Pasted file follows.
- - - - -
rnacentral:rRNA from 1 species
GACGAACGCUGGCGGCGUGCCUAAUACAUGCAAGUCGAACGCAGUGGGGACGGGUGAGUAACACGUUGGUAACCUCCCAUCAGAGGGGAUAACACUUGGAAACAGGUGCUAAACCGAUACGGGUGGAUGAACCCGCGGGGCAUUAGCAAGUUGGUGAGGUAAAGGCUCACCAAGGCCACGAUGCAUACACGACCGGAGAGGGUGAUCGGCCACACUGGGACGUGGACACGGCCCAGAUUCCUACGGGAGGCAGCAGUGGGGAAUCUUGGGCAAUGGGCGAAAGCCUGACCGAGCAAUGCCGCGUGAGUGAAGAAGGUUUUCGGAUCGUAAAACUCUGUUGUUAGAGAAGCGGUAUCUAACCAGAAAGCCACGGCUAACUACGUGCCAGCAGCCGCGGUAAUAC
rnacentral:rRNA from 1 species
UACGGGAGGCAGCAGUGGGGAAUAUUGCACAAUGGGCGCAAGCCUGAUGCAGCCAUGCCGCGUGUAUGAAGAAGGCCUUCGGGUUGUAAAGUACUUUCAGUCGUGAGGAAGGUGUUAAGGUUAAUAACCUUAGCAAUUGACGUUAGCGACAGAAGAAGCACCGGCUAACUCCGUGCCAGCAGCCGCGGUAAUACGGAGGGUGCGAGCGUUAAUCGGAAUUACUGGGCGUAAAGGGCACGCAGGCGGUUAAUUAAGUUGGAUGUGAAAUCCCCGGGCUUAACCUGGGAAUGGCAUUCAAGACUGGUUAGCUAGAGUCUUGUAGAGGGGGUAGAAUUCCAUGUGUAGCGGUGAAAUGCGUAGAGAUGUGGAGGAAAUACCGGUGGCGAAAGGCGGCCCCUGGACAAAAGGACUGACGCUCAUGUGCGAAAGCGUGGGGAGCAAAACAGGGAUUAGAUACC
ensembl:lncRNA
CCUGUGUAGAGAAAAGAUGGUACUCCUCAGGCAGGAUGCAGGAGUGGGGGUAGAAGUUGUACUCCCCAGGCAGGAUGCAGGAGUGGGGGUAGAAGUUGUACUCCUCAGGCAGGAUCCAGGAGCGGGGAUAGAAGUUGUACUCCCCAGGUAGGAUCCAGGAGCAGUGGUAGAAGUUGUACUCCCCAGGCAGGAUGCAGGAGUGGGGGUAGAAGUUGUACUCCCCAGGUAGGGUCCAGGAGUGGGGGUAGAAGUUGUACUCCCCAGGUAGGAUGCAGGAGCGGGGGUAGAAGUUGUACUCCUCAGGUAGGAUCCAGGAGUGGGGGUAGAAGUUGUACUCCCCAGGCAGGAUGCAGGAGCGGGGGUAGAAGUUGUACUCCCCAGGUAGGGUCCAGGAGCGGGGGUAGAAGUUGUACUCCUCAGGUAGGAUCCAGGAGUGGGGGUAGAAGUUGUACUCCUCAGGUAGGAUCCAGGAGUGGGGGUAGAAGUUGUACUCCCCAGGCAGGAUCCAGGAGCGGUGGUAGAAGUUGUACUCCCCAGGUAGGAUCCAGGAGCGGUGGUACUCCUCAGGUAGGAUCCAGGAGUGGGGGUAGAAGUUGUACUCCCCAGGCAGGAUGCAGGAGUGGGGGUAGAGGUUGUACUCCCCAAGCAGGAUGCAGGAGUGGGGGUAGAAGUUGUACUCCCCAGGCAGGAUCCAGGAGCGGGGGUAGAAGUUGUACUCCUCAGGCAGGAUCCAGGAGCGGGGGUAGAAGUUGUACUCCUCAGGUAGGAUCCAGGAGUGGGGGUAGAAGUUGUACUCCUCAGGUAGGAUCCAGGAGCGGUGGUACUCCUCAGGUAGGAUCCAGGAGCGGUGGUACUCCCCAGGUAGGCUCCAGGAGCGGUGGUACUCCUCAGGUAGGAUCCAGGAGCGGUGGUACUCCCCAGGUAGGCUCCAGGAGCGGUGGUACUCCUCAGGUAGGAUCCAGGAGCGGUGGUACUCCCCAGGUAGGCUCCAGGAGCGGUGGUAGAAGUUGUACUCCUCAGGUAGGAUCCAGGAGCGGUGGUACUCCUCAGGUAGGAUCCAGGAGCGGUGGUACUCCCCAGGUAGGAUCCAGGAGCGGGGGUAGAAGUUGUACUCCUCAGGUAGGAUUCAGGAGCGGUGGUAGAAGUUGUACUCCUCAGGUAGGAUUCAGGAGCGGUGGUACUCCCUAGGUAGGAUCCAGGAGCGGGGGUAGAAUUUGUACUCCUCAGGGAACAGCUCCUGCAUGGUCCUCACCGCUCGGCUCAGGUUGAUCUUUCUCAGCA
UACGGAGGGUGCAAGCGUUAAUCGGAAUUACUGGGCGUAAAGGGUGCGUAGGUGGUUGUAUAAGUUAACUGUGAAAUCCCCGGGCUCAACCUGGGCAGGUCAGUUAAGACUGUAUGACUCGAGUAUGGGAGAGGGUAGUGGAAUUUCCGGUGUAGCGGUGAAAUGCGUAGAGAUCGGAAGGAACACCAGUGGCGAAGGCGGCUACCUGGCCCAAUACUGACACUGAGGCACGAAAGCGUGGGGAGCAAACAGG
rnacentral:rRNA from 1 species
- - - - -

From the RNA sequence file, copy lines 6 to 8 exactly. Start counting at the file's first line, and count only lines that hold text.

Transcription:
CCUGUGUAGAGAAAAGAUGGUACUCCUCAGGCAGGAUGCAGGAGUGGGGGUAGAAGUUGUACUCCCCAGGCAGGAUGCAGGAGUGGGGGUAGAAGUUGUACUCCUCAGGCAGGAUCCAGGAGCGGGGAUAGAAGUUGUACUCCCCAGGUAGGAUCCAGGAGCAGUGGUAGAAGUUGUACUCCCCAGGCAGGAUGCAGGAGUGGGGGUAGAAGUUGUACUCCCCAGGUAGGGUCCAGGAGUGGGGGUAGAAGUUGUACUCCCCAGGUAGGAUGCAGGAGCGGGGGUAGAAGUUGUACUCCUCAGGUAGGAUCCAGGAGUGGGGGUAGAAGUUGUACUCCCCAGGCAGGAUGCAGGAGCGGGGGUAGAAGUUGUACUCCCCAGGUAGGGUCCAGGAGCGGGGGUAGAAGUUGUACUCCUCAGGUAGGAUCCAGGAGUGGGGGUAGAAGUUGUACUCCUCAGGUAGGAUCCAGGAGUGGGGGUAGAAGUUGUACUCCCCAGGCAGGAUCCAGGAGCGGUGGUAGAAGUUGUACUCCCCAGGUAGGAUCCAGGAGCGGUGGUACUCCUCAGGUAGGAUCCAGGAGUGGGGGUAGAAGUUGUACUCCCCAGGCAGGAUGCAGGAGUGGGGGUAGAGGUUGUACUCCCCAAGCAGGAUGCAGGAGUGGGGGUAGAAGUUGUACUCCCCAGGCAGGAUCCAGGAGCGGGGGUAGAAGUUGUACUCCUCAGGCAGGAUCCAGGAGCGGGGGUAGAAGUUGUACUCCUCAGGUAGGAUCCAGGAGUGGGGGUAGAAGUUGUACUCCUCAGGUAGGAUCCAGGAGCGGUGGUACUCCUCAGGUAGGAUCCAGGAGCGGUGGUACUCCCCAGGUAGGCUCCAGGAGCGGUGGUACUCCUCAGGUAGGAUCCAGGAGCGGUGGUACUCCCCAGGUAGGCUCCAGGAGCGGUGGUACUCCUCAGGUAGGAUCCAGGAGCGGUGGUACUCCCCAGGUAGGCUCCAGGAGCGGUGGUAGAAGUUGUACUCCUCAGGUAGGAUCCAGGAGCGGUGGUACUCCUCAGGUAGGAUCCAGGAGCGGUGGUACUCCCCAGGUAGGAUCCAGGAGCGGGGGUAGAAGUUGUACUCCUCAGGUAGGAUUCAGGAGCGGUGGUAGAAGUUGUACUCCUCAGGUAGGAUUCAGGAGCGGUGGUACUCCCUAGGUAGGAUCCAGGAGCGGGGGUAGAAUUUGUACUCCUCAGGGAACAGCUCCUGCAUGGUCCUCACCGCUCGGCUCAGGUUGAUCUUUCUCAGCA
UACGGAGGGUGCAAGCGUUAAUCGGAAUUACUGGGCGUAAAGGGUGCGUAGGUGGUUGUAUAAGUUAACUGUGAAAUCCCCGGGCUCAACCUGGGCAGGUCAGUUAAGACUGUAUGACUCGAGUAUGGGAGAGGGUAGUGGAAUUUCCGGUGUAGCGGUGAAAUGCGUAGAGAUCGGAAGGAACACCAGUGGCGAAGGCGGCUACCUGGCCCAAUACUGACACUGAGGCACGAAAGCGUGGGGAGCAAACAGG
rnacentral:rRNA from 1 species